In FIG. 12, control circuit 14 provides drive signals VG1, VG2 shown in FIGS. 14 (B) and (A) for each gate terminal of primary main MOS-FETs 2, 3. When first main MOS-FET 2 is in the off condition and second main MOS-FET 3 is in the on condition, resonance current ILr shown in FIG. 14 (C) flows through resonance reactor 4, primary winding 5a of transformer 5 and current-resonant capacitor 6 to induce voltage ICr shown in FIG. 14 (D) between both ends of current-resonant capacitor 6 thereby causing voltage on primary winding 5a of transformer 5 to rise. During this period of time, voltages VDS1, VDS2 shown in FIGS. 14 (F) and (E) are applied between drain and source terminals of secondary rectification MOS-FETs 15, 16 to turn first rectification MOS-FET 15 off and second rectification MOS-FET 16 on. When voltage induced on second secondary winding 5c of transformer 5 is elevated to DC output voltage VO, the voltage is clamped at DC output voltage VO, and electric current flows through second rectification MOS-FET 16 to charge output smoothing capacitor 10 and supply DC power to load 11 during which resonance current ILr flows in the primary circuit of transformer 5 due to resonance reactor 4 and current resonant capacitor 6. When voltage applied on primary winding 5a of transformer 5 begin decreasing, and voltage applied on second secondary winding 5c drops below DC output voltage VO, power supply to secondary side of transformer 5 is ceased, and resonance current ILr flows in primary side of transformer 5 due to resonance reactor 4, primary winding 5a of transformer 5 and current-resonant capacitor 6 to accumulate electromagnetic energy in current-resonant capacitor 6, resonance reactor 4 and primary winding 5a of transformer 5.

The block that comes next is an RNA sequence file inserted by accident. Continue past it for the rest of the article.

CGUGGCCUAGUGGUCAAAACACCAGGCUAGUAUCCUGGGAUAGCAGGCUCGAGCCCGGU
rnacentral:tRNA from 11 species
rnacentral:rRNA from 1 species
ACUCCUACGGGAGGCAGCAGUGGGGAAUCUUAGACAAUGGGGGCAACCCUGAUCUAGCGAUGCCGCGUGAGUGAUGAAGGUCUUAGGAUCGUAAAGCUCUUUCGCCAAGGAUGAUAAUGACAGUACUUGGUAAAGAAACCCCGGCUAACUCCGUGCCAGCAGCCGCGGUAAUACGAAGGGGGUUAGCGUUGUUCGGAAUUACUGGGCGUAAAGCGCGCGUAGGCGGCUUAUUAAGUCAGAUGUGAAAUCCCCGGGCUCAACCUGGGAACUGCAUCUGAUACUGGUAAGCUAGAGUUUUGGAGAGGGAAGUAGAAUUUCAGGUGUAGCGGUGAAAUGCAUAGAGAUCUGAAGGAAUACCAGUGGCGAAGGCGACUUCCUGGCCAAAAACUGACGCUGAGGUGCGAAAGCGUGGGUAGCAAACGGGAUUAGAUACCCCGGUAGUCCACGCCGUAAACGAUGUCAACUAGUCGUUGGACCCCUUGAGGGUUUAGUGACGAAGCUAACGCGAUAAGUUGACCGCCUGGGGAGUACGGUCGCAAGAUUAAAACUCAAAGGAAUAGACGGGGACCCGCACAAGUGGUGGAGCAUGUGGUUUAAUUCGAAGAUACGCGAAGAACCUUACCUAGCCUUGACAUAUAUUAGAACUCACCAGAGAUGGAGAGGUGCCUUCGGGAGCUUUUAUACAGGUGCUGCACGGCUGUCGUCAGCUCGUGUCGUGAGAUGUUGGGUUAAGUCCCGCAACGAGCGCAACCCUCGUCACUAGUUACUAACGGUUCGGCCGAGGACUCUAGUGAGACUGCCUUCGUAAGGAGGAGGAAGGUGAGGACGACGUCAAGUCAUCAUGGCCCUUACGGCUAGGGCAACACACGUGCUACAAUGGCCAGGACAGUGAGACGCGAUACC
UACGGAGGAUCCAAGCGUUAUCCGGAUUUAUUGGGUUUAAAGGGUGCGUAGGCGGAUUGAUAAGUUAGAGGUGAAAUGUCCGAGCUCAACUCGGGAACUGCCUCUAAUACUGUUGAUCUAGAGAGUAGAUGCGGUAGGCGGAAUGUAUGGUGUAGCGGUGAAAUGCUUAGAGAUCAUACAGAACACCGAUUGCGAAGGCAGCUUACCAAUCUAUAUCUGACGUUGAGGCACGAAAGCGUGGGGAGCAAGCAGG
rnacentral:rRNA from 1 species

Next, when first main MOS-FET 2 is kept off and second main MOS-FET 3 is turned off, voltage resonance occurs due to resonance reactor 4, primary winding 5a of transformer 5 and voltage-resonant capacitor 7, and voltages between drain and source terminals of main MOS-FETs 2, 3 rise and fall with the slope determined by resonance frequency. At this time, voltage VDS2 between drain and source terminals of second rectification MOS-FET 16 rises or jumps as shown in FIG. 14 (E), while voltage VDS1 between drain and source terminal of first rectification MOS-FET 15 falls or nose-dives to approximately zero volt shown in FIG. 14 (F).